While it’s tempting to leave a furry friend in the car while running a quick errand, think again – and don’t do it! Either leave your buddy at home, or take a friend or family member to wait in the car, keeping an eye on the temperature and perhaps going for a short stroll. Even leaving windows open a crack won’t provide enough ventilation on a hot day, and curious dogs have been known to get their heads wedged in car windows. They can also escape if the window is open too widely, or even bite people through the crack.
On a 78 degree day, temperatures inside a shaded car can reach 90 degrees - and that shoots up to 160 if the car is in the sun! Most experts recommend that if the air temperature is 60 degrees or more, your pets should stay at home or come into the store with you, if allowed (and that goes for your kids too). Some people try to get around this by leaving the engine and air conditioning running, but this is not fail-safe. If the engine overheats or the air conditioner malfunctions, the animal is in just as much peril as before.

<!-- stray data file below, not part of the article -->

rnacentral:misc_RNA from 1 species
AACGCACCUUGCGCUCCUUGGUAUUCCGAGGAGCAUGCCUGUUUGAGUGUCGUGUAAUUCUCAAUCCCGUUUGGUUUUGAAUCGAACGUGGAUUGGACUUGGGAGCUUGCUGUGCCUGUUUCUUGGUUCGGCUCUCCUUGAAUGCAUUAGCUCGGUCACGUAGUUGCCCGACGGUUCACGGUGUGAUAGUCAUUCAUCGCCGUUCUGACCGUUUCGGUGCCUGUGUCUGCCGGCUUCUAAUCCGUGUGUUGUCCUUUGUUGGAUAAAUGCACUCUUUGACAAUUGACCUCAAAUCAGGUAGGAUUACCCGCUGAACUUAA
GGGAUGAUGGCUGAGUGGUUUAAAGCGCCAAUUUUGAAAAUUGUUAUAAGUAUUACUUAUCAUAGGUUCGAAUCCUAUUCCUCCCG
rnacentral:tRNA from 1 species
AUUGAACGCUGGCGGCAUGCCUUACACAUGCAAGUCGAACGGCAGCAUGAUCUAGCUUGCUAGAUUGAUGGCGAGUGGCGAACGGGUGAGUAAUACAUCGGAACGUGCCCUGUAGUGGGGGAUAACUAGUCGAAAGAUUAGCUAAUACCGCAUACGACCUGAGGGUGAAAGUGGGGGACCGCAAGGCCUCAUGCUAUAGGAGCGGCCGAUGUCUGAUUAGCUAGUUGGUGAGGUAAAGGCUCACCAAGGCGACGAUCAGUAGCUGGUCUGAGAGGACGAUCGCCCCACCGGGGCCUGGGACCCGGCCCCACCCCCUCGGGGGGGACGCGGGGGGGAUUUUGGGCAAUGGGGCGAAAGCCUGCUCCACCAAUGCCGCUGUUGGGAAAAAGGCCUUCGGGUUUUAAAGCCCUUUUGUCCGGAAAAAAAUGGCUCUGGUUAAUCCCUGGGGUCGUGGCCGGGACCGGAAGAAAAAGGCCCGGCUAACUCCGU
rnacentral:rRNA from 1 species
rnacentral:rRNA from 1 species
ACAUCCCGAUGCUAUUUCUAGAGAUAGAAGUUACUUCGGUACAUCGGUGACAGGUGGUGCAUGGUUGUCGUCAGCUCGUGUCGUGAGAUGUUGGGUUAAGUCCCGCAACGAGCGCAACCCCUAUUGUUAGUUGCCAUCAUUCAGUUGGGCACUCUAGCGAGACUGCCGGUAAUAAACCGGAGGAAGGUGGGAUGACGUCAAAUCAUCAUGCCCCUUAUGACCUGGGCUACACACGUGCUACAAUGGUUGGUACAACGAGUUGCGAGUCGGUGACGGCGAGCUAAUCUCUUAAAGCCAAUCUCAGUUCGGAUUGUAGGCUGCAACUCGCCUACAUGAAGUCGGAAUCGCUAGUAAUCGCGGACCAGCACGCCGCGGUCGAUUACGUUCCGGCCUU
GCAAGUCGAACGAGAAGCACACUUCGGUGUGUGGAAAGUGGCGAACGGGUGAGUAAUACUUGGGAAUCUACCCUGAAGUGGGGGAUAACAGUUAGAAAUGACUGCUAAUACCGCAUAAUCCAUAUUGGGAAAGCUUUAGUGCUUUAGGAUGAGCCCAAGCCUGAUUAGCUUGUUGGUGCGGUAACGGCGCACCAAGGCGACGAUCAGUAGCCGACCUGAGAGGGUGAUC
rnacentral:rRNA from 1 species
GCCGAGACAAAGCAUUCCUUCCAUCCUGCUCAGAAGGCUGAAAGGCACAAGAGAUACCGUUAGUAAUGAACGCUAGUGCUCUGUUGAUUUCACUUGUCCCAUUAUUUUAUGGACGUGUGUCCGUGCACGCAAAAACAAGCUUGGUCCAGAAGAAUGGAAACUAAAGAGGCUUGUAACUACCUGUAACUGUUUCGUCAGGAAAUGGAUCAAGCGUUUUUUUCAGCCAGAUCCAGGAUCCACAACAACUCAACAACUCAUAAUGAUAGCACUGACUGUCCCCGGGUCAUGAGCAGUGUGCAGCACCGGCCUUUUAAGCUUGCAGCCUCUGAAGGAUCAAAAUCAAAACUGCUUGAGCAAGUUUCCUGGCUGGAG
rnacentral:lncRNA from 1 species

It's also not a great idea to let your dog ride loose in the bed of a pick up truck. The hot metal can scorch the dog's paws, sudden turns or stops can cause it to tumble around and potentially harm itself, and no matter how well trained, any dog might jump out at a stop light or in a parking lot.
|This is not going to end well.|
It’s up to all of us to prevent tragedy by keeping our pets out of hot vehicles, and by looking out for those locked up by negligent owners. Call police if you see a dog in distress. Greenville Animal Control can be reached at 252-329-4387, or, in an emergency, 252-329-4300.
This summer, stay safe and enjoy the weather – and make sure your pet does, too!
Originally posted 5/29/12